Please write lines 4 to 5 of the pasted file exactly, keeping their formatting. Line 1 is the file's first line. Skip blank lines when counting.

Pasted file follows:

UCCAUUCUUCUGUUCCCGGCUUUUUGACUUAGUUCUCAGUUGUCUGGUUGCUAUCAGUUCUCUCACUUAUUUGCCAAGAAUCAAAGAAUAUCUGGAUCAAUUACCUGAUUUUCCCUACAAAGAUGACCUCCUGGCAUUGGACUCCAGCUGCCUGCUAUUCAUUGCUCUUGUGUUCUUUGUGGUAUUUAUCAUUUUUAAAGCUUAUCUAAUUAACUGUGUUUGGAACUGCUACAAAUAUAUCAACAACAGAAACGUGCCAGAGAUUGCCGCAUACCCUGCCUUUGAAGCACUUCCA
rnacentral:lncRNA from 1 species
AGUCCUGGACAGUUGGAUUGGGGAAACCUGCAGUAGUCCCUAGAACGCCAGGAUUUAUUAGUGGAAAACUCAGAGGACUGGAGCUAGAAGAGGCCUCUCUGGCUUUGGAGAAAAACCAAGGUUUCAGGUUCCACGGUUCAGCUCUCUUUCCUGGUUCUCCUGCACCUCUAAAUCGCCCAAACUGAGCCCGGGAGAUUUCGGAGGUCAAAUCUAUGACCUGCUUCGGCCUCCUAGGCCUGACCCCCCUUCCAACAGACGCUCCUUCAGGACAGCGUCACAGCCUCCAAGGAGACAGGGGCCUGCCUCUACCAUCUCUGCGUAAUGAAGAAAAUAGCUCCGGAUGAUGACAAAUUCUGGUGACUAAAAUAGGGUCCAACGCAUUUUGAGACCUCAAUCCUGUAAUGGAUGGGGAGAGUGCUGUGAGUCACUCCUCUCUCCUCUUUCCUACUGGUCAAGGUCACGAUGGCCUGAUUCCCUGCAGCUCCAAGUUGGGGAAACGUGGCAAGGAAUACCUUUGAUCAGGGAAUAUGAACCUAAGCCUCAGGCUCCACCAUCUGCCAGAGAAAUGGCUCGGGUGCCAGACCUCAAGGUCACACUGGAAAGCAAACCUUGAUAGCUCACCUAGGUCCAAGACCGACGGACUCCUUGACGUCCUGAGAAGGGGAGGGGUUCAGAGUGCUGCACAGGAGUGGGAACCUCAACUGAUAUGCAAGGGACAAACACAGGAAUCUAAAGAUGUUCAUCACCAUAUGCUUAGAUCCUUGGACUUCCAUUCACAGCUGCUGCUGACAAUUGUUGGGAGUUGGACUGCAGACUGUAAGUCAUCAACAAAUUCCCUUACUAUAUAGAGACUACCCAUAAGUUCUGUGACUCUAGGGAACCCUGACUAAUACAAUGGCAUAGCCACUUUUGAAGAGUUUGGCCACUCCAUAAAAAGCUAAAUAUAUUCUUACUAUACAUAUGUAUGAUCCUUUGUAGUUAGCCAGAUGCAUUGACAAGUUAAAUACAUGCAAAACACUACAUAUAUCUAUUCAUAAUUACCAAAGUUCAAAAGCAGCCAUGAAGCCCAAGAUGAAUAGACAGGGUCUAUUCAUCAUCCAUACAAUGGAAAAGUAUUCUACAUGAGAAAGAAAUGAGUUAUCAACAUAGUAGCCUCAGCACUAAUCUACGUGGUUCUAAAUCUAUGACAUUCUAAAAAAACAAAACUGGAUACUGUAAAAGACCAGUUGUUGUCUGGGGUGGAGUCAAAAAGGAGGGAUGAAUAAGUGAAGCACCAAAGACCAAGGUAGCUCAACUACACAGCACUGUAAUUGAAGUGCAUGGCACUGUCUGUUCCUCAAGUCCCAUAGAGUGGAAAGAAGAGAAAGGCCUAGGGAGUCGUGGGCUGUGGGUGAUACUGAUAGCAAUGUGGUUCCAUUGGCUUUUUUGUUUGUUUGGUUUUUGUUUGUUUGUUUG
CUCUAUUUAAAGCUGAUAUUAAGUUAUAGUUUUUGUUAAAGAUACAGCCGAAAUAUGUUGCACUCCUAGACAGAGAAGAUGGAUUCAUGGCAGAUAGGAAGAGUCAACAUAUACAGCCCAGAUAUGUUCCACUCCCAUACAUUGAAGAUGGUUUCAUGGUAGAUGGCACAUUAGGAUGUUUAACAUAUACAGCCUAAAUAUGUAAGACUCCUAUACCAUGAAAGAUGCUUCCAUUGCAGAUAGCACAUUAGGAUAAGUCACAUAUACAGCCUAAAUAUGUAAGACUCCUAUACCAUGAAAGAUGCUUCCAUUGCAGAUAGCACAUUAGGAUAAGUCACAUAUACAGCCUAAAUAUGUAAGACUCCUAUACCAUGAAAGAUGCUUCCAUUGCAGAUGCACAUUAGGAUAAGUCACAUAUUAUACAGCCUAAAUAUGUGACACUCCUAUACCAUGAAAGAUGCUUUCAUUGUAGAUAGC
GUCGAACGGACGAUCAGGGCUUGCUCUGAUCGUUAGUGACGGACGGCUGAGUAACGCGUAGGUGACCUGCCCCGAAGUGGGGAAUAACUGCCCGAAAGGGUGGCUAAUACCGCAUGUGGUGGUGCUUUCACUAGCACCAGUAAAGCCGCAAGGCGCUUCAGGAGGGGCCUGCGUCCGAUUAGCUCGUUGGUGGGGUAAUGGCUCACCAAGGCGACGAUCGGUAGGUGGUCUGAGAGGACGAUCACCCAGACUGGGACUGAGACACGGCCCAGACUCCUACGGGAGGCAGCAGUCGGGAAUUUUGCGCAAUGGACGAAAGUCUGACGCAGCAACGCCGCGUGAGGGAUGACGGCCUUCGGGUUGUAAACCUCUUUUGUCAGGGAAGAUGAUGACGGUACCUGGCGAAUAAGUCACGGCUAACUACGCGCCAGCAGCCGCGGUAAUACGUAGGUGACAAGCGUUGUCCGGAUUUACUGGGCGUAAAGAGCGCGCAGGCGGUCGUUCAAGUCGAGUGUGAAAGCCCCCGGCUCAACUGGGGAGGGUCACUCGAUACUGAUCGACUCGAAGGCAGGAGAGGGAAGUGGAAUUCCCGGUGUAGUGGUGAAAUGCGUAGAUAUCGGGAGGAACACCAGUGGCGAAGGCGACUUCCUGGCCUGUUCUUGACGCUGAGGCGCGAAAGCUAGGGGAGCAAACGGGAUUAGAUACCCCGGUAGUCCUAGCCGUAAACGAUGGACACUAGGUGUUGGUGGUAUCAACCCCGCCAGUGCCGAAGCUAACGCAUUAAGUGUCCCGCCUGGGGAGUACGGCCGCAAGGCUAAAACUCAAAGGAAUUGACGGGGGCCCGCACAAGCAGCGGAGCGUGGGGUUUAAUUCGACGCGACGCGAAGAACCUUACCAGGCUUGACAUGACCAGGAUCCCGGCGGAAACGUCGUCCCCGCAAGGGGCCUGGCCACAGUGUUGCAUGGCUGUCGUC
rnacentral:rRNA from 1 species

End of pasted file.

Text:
CUCUAUUUAAAGCUGAUAUUAAGUUAUAGUUUUUGUUAAAGAUACAGCCGAAAUAUGUUGCACUCCUAGACAGAGAAGAUGGAUUCAUGGCAGAUAGGAAGAGUCAACAUAUACAGCCCAGAUAUGUUCCACUCCCAUACAUUGAAGAUGGUUUCAUGGUAGAUGGCACAUUAGGAUGUUUAACAUAUACAGCCUAAAUAUGUAAGACUCCUAUACCAUGAAAGAUGCUUCCAUUGCAGAUAGCACAUUAGGAUAAGUCACAUAUACAGCCUAAAUAUGUAAGACUCCUAUACCAUGAAAGAUGCUUCCAUUGCAGAUAGCACAUUAGGAUAAGUCACAUAUACAGCCUAAAUAUGUAAGACUCCUAUACCAUGAAAGAUGCUUCCAUUGCAGAUGCACAUUAGGAUAAGUCACAUAUUAUACAGCCUAAAUAUGUGACACUCCUAUACCAUGAAAGAUGCUUUCAUUGUAGAUAGC
GUCGAACGGACGAUCAGGGCUUGCUCUGAUCGUUAGUGACGGACGGCUGAGUAACGCGUAGGUGACCUGCCCCGAAGUGGGGAAUAACUGCCCGAAAGGGUGGCUAAUACCGCAUGUGGUGGUGCUUUCACUAGCACCAGUAAAGCCGCAAGGCGCUUCAGGAGGGGCCUGCGUCCGAUUAGCUCGUUGGUGGGGUAAUGGCUCACCAAGGCGACGAUCGGUAGGUGGUCUGAGAGGACGAUCACCCAGACUGGGACUGAGACACGGCCCAGACUCCUACGGGAGGCAGCAGUCGGGAAUUUUGCGCAAUGGACGAAAGUCUGACGCAGCAACGCCGCGUGAGGGAUGACGGCCUUCGGGUUGUAAACCUCUUUUGUCAGGGAAGAUGAUGACGGUACCUGGCGAAUAAGUCACGGCUAACUACGCGCCAGCAGCCGCGGUAAUACGUAGGUGACAAGCGUUGUCCGGAUUUACUGGGCGUAAAGAGCGCGCAGGCGGUCGUUCAAGUCGAGUGUGAAAGCCCCCGGCUCAACUGGGGAGGGUCACUCGAUACUGAUCGACUCGAAGGCAGGAGAGGGAAGUGGAAUUCCCGGUGUAGUGGUGAAAUGCGUAGAUAUCGGGAGGAACACCAGUGGCGAAGGCGACUUCCUGGCCUGUUCUUGACGCUGAGGCGCGAAAGCUAGGGGAGCAAACGGGAUUAGAUACCCCGGUAGUCCUAGCCGUAAACGAUGGACACUAGGUGUUGGUGGUAUCAACCCCGCCAGUGCCGAAGCUAACGCAUUAAGUGUCCCGCCUGGGGAGUACGGCCGCAAGGCUAAAACUCAAAGGAAUUGACGGGGGCCCGCACAAGCAGCGGAGCGUGGGGUUUAAUUCGACGCGACGCGAAGAACCUUACCAGGCUUGACAUGACCAGGAUCCCGGCGGAAACGUCGUCCCCGCAAGGGGCCUGGCCACAGUGUUGCAUGGCUGUCGUC